November 30, 2011
The Federal Railroad Administration (FRA) says that train accidents occur more often at intersections with no cross arms in front of the tracks. That was the case Wednesday morning when a Hendricks County employee was injured in a collision between his snowplow and a train. According to Channel 13 News, the incident occurred at a crossing with County Road 151 West.
The train’s conductor told sheriff’s deputies that he was heading west at around 45 MPH as he approached the intersection where the accident occurred. He said that the driver of the snowplow slowed his vehicle, but did not completely stop. The conductor attempted to stop the train as the snowplow crawled onto the tracks, but did not have enough time or distance to bring the train to a halt. The two collided and the snowplow rolled–trapping the driver inside.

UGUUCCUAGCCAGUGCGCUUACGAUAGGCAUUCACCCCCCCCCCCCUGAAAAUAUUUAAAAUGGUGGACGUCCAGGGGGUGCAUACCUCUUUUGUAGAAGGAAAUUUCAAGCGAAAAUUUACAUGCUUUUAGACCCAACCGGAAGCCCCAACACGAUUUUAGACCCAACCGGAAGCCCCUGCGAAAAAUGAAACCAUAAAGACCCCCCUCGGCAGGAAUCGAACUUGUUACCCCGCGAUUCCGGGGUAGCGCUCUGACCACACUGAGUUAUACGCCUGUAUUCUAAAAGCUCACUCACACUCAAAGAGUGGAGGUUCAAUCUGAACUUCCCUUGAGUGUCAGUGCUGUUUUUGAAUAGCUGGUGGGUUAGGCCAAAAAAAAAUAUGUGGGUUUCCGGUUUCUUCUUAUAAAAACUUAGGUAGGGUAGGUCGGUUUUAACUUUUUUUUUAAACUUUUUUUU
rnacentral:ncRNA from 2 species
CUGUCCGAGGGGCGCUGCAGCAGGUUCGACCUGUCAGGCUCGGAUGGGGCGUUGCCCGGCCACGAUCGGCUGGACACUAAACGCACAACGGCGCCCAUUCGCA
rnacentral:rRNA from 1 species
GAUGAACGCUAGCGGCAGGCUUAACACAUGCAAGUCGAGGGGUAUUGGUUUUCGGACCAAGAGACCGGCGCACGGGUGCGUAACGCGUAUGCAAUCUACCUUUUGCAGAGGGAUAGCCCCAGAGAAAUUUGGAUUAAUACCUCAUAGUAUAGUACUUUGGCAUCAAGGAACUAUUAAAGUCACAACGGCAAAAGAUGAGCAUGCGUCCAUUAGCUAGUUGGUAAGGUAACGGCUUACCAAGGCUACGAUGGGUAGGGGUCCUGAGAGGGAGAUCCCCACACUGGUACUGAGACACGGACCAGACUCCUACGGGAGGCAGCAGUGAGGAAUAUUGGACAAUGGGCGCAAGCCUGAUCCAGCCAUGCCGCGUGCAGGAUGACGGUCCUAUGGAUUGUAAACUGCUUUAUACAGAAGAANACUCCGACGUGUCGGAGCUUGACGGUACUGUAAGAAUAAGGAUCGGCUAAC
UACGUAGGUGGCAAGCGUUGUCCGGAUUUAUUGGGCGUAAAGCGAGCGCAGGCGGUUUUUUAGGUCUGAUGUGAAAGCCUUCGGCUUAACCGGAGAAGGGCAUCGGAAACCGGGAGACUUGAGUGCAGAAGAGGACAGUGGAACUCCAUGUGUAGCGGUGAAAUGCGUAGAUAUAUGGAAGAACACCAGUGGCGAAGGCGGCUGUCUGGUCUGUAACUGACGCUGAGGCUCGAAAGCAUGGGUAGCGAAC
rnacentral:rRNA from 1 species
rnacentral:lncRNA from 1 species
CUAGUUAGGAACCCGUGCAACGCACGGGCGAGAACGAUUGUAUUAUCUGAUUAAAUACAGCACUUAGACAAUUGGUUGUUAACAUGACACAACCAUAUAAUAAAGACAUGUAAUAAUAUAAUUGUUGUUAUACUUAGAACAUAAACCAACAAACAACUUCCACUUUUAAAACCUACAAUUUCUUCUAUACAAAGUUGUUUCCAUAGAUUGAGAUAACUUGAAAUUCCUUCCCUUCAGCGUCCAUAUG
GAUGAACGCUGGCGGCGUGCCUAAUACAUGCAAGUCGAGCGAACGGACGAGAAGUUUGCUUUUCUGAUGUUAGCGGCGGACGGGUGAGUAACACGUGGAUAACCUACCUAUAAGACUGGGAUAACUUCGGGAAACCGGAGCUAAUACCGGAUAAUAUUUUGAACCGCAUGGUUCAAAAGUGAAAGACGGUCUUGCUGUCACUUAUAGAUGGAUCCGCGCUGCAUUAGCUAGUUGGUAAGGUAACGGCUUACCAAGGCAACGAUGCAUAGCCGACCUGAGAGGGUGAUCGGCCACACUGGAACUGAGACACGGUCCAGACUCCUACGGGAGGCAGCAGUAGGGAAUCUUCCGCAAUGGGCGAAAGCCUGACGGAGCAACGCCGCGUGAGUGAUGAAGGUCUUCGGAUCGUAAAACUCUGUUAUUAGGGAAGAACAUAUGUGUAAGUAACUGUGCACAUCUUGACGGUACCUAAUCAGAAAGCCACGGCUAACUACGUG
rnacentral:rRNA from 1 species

He was freed by firefighters and paramedics a short time later and was taken to St. Vincent Hospital to be treated for injuries to his legs and arms.
Deputies confirmed that the crossing is marked with a stop sign and railroad crossing warnings, but no cross arm mechanism. According to the FRA, 171 people have died this year in highway-rail accidents.
The Indiana Personal Injury Lawyers with Stewart & Stewart would like to encourage motorists to always stop at railroad intersections regardless of if warning lights are blinking or not. You should also turn down your radio and roll down a window so you can hear if a train is coming.